Dropkick Murphy’s is midway between the raised streets of the campus area, and the sunken Cowgate and its entrance is under an arch that is part of the bridge holding up the city above. During our short hesitation, two young gentlemen emerged from the shadows and began to talk to us. Aheli and I shared looks of confusion, but were too caught off guard to consider that perhaps we should continue moving. The men were from Ireland, over for the weekend and not really sure what to do or where to go, but wanted the full Edinburgh experience (if you overlook the fact that Dropkick’s is in fact an Irish bar). We chatted for a few minutes before realizing just how cold Edinburgh is in February, and we started moving towards the main street.

Somehow, the men managed to flag two pedicabs down and ask them where the best place to go next would be. Next?

And then we were swept up again (the joys of being small) and were in separate pedicabs headed deeper into the Cowgate. And while I was slightly concerned by this divide and conquer maneuver, I was also fairly overexcited that I got to yell “Follow that pedicab!” while pointing dramatically. I’m sure the driver loved me. But whether he did or not, he did ‘follow that pedicab’ and we all piled out at the same place. Unfortunately that place was a rather sketchy club. We walked in, and very shortly after, walked out with the boys trailing behind us.

We said goodbye, assured them that we would be able to get home on our own, and gracefully removed ourselves from the situation. Only to find that the situation would not be so easily removed. The boys followed. Really, we insisted, it was not a long walk and we didn’t want them to have to cut their night short, and anyway we were walking in the exact opposite direction they needed to be going. The boys followed. We told them all the places that they might go after we had left, and pointed them in the right direction, and gave suggestions for things they could do the following day. The boys followed. Finally we gave up and anyway we were close to home at that point so there was no point in wasting energy on this.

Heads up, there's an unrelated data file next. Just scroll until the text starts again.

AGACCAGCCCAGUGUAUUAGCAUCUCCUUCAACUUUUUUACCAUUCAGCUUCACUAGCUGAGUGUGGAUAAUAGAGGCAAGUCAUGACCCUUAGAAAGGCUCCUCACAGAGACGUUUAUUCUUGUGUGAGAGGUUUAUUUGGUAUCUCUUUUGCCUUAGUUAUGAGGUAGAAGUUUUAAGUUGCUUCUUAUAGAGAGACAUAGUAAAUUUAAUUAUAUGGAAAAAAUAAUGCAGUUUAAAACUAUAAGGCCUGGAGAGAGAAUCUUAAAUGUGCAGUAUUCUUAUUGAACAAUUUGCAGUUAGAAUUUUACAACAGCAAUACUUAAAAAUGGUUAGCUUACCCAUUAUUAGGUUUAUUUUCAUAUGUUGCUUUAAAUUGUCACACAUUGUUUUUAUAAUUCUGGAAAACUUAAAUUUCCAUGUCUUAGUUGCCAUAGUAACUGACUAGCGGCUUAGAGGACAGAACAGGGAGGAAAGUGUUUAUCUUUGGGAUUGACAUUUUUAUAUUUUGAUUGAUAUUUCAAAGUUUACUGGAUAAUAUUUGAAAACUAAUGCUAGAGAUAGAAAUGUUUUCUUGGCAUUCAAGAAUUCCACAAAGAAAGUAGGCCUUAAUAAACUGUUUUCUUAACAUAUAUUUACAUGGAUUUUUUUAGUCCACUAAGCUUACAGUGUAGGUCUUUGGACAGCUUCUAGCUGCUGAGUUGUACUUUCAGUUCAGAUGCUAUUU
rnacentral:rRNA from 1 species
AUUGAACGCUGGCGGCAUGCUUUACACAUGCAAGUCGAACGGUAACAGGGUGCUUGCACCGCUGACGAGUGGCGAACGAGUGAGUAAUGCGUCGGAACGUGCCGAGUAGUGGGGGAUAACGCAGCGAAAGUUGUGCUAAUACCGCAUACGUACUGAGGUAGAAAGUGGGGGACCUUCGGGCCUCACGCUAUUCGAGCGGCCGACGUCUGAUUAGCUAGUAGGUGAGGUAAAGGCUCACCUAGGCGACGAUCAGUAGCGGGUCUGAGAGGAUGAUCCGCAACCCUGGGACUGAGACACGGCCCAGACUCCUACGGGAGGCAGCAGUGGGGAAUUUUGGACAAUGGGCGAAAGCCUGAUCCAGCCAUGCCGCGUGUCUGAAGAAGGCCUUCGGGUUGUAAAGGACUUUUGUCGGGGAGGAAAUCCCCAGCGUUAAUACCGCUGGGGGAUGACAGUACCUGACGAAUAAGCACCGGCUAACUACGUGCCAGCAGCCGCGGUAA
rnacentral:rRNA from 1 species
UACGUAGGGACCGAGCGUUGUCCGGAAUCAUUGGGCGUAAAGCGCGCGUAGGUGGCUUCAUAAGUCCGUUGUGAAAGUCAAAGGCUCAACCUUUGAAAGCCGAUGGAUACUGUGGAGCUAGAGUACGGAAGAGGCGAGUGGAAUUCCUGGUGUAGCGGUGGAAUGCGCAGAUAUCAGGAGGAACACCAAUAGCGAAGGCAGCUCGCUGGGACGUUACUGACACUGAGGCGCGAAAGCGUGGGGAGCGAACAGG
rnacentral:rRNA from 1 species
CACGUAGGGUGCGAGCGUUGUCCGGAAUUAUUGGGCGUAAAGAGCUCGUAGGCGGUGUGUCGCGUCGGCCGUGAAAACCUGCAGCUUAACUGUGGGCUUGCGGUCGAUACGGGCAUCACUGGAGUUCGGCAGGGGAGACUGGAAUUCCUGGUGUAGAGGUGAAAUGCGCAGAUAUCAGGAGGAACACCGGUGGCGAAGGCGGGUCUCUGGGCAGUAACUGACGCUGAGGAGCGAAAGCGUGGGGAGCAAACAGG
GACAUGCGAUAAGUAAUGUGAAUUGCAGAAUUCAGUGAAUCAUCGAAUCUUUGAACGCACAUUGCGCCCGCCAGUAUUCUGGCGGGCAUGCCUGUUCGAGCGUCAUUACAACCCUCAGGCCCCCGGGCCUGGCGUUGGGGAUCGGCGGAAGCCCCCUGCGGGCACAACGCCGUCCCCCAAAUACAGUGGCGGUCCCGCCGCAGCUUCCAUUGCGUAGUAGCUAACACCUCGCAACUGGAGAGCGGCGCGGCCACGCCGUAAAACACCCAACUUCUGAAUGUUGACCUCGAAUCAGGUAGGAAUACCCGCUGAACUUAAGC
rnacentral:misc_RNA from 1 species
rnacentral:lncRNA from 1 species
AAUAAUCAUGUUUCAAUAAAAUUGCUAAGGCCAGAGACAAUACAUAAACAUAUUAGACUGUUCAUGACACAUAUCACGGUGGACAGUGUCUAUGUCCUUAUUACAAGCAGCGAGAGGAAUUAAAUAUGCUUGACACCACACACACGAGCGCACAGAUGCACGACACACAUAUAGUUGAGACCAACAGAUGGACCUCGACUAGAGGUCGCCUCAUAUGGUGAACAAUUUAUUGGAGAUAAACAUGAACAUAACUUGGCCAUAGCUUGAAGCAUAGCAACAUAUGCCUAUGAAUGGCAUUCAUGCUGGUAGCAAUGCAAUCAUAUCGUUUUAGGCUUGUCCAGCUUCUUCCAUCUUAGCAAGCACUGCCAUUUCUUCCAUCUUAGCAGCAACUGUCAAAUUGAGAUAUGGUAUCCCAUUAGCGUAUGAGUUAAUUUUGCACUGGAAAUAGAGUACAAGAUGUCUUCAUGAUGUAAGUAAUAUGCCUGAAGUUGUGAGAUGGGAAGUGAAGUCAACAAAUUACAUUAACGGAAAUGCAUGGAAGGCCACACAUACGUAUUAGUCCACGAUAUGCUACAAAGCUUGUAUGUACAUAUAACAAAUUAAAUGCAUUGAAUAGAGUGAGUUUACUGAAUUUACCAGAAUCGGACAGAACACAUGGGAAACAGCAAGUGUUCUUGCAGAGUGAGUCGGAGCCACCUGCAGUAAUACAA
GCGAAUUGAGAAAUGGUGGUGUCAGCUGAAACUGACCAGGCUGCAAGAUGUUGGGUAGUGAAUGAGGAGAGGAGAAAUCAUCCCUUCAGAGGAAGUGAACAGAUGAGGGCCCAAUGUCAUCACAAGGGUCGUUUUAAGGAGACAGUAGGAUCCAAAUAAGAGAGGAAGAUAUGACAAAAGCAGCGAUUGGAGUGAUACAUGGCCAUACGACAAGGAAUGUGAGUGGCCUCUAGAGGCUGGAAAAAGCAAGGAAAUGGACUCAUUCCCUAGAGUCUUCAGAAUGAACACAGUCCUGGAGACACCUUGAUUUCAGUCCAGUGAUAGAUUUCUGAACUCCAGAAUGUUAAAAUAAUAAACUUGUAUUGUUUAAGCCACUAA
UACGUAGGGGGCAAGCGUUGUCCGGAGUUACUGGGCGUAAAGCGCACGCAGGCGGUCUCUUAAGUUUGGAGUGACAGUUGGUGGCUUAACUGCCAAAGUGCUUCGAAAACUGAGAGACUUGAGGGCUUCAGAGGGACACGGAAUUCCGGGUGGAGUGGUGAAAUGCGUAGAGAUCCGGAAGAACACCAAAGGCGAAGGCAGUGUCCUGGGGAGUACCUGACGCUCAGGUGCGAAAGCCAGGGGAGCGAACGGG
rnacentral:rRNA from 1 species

Luckily we had a rather imposing looking building with a large impressive gate at the front. As the men looked upwards, taking it all in, we slipped through the gate, shut it with a rather satisfying ‘clang’ and called out goodnight as we scurried to our door, finally leaving them as confused as they had found us.

Inside, we kicked off our shoes and recapped the evening. Differentiating the boys, I mentioned something about the blond one. “Blond?” Aheli repeated. “His hair was dark brown.” We both took a moment to consider this large discrepancy. Finally we decided that if I thought he was blonde, and Aheli thought he was a brunette, there must be only one reasonable conclusion.

“His hair must have been the midpoint between blonde and brunette,” Aheli said.

“But what colour would that be?” I asked.

 We both paused again, thinking, and finally realization dawned simultaneously as we both said, “Ginger.”

And so the Ginger Effect was created.